That’s from the Preface by the Director of the Benfield UCL Hazard Research Centre, Dr. Bill McGuire, an expert on the geological consequences of climate change. The article by Maslin et al. concludes:
Models of the global inventory of hydrates and trapped methane bubbles suggest that a global 3°C warming could release between 35 and 940 GtC, which could add up to an additional 0.5°C to global warming. The destabilization of gas hydrate reserves in permafrost areas is more certain as climate models predict that high-latitude regions will be disproportionately affected by global warming with temperature increases of over 12°C predicted for much of North America and Northern Asia.
Yes, in the scenario where we blow past 3°C warming, the Arctic gets uber-warm and a staggering amount of methane seems all but certain to be released (see “M.I.T. doubles its 2095 warming projection to 10°F — with 866 ppm and Arctic warming of 20°F“):
The shrinking of both the Greenland and Antarctic ice sheets in response to regional warming may also lead to destabilization of gas hydrates. As ice sheets shrink, the weight removed allows the coastal region and adjacent continental slope to rise through isostacy. This removal of hydrostatic pressure could destabilize gas hydrates, leading to massive slope failure, and may increase the risk of tsunamis.
Dunkley Jones et al find, “Palaeotemperature proxy data from across the PETM indicate a coincident increase in global surface temperatures of approximately 5–6°C.” They find the methane hydrate were accompanied by lots of other carbon, which wouldn’t be a big surprise given how many other amplifying carbon-cycle feedbacks there are (see “Stunner: Nature review of 20 years of field studies finds soils emitting more CO2 as planet warms“).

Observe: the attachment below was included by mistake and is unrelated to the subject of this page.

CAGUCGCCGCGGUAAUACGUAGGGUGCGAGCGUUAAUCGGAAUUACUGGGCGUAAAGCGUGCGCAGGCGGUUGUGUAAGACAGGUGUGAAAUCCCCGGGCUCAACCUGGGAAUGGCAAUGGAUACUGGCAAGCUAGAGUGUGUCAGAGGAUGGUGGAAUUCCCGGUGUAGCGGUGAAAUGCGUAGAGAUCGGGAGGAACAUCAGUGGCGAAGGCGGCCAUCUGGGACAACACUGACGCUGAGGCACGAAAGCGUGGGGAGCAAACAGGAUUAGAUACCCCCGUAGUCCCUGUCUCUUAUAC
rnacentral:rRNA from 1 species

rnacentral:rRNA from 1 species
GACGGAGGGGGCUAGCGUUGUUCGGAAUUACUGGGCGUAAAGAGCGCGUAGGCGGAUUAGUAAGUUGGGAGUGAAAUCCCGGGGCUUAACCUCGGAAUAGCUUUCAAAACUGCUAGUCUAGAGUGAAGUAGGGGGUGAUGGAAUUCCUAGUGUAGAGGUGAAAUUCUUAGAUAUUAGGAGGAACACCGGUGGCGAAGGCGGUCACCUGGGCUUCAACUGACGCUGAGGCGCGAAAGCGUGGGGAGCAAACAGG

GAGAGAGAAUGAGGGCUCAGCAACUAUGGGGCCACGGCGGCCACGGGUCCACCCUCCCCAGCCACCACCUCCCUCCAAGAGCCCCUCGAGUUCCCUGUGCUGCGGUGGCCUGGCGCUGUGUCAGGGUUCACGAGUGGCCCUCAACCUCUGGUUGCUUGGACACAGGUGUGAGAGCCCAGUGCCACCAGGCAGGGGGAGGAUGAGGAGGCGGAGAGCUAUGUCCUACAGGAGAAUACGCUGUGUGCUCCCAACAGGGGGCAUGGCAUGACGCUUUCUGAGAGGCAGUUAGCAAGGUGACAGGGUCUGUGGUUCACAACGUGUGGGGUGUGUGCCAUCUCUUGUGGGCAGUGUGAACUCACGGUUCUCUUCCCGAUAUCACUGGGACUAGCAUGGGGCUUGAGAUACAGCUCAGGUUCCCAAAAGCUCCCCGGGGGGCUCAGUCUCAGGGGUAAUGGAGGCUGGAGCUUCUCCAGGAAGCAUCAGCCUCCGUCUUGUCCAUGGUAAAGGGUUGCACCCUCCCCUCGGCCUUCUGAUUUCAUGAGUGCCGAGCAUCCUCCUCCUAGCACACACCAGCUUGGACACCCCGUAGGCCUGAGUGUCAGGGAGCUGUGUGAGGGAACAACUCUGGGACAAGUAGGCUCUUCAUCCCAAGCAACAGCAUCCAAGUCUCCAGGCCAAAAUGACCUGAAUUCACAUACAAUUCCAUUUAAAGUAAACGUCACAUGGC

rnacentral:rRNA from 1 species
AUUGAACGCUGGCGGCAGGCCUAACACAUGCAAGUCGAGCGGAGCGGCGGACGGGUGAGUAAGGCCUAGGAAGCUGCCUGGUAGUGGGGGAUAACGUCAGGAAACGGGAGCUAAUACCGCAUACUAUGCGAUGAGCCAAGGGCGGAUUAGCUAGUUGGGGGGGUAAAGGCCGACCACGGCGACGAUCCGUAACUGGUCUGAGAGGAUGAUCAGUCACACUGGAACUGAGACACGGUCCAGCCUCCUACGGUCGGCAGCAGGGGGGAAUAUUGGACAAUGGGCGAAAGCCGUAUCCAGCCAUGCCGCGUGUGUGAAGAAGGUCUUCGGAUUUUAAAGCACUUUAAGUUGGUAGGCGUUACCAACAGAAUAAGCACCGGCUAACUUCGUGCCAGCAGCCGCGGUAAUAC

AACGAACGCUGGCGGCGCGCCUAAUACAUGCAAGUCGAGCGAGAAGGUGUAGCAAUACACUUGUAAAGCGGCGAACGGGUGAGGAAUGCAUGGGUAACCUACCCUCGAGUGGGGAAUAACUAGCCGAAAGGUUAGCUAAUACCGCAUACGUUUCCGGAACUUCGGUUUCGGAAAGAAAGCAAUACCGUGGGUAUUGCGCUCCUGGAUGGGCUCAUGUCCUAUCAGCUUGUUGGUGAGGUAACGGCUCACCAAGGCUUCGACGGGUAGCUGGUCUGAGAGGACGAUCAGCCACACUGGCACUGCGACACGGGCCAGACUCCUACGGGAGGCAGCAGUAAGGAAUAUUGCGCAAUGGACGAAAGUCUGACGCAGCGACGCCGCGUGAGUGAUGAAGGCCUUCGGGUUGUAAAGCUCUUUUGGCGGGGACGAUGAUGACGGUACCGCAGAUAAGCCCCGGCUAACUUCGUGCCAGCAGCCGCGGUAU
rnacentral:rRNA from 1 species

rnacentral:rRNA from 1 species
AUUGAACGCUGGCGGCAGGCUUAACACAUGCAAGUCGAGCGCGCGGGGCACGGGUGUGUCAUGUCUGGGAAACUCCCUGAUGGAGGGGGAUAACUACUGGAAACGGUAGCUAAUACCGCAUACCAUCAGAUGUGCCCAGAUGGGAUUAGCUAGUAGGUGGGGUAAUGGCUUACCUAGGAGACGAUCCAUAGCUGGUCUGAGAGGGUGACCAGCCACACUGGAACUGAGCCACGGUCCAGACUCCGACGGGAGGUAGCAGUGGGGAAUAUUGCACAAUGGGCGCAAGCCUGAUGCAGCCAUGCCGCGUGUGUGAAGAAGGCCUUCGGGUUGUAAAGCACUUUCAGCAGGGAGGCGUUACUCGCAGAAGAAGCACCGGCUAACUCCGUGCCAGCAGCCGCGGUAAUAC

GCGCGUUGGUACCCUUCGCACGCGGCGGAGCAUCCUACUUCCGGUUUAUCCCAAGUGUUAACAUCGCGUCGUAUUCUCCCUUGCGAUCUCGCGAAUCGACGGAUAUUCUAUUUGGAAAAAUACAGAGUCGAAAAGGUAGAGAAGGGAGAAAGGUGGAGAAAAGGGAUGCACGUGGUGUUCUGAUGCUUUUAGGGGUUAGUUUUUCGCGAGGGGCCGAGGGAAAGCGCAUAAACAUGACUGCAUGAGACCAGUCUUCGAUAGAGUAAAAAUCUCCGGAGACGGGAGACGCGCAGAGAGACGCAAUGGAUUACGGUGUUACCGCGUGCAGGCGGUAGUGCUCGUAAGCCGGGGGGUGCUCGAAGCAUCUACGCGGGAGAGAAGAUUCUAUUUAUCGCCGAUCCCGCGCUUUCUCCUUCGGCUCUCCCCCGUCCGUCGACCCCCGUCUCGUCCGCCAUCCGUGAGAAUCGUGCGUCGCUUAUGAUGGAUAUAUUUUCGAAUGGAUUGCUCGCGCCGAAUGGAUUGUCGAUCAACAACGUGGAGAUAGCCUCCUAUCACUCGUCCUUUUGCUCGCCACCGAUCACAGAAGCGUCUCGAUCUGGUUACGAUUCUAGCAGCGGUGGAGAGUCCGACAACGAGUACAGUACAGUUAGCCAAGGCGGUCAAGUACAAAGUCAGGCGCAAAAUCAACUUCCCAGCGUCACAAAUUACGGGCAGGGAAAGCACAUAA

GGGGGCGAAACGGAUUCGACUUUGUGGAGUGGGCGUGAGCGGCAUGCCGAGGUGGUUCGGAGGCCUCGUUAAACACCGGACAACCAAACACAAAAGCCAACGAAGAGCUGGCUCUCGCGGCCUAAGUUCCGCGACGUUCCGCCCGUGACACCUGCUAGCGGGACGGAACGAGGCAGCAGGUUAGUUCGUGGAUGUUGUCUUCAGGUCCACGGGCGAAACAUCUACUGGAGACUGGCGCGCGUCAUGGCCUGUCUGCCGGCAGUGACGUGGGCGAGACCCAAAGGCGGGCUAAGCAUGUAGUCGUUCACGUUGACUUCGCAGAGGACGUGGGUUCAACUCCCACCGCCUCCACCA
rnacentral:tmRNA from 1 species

The paper “Recent and future warm extreme events and high-mountain slope stability,” notes that “Warm extremes can trigger large landslides in temperature-sensitive high mountains by enhancing the production of water by melt of snow and ice, and by rapid thaw.” Not surprisingly, the paper finds:
The number of large slope failures in some high-mountain regions such as the European Alps has increased during the past two to three decades. There is concern that recent climate change is driving this increase in slope failures, thus possibly further exacerbating the hazard in the future….
We describe several large slope failures in rock and ice in recent years in Alaska, New Zealand and the European Alps, and analyse weather patterns in the days and weeks before the failures. Although we did not find one general temperature pattern, all the failures were preceded by unusually warm periods; some happened immediately after temperatures suddenly dropped to freezing.
We assessed the frequency of warm extremes in the future by analysing eight regional climate models from the recently completed European Union programme ENSEMBLES for the central Swiss Alps. The models show an increase in the higher frequency of high-temperature events for the period 2001–2050 compared with a 1951–2000 reference period. Warm events lasting 5, 10 and 30 days are projected to increase by about 1.5–4 times by 2050 and in some models by up to 10 times.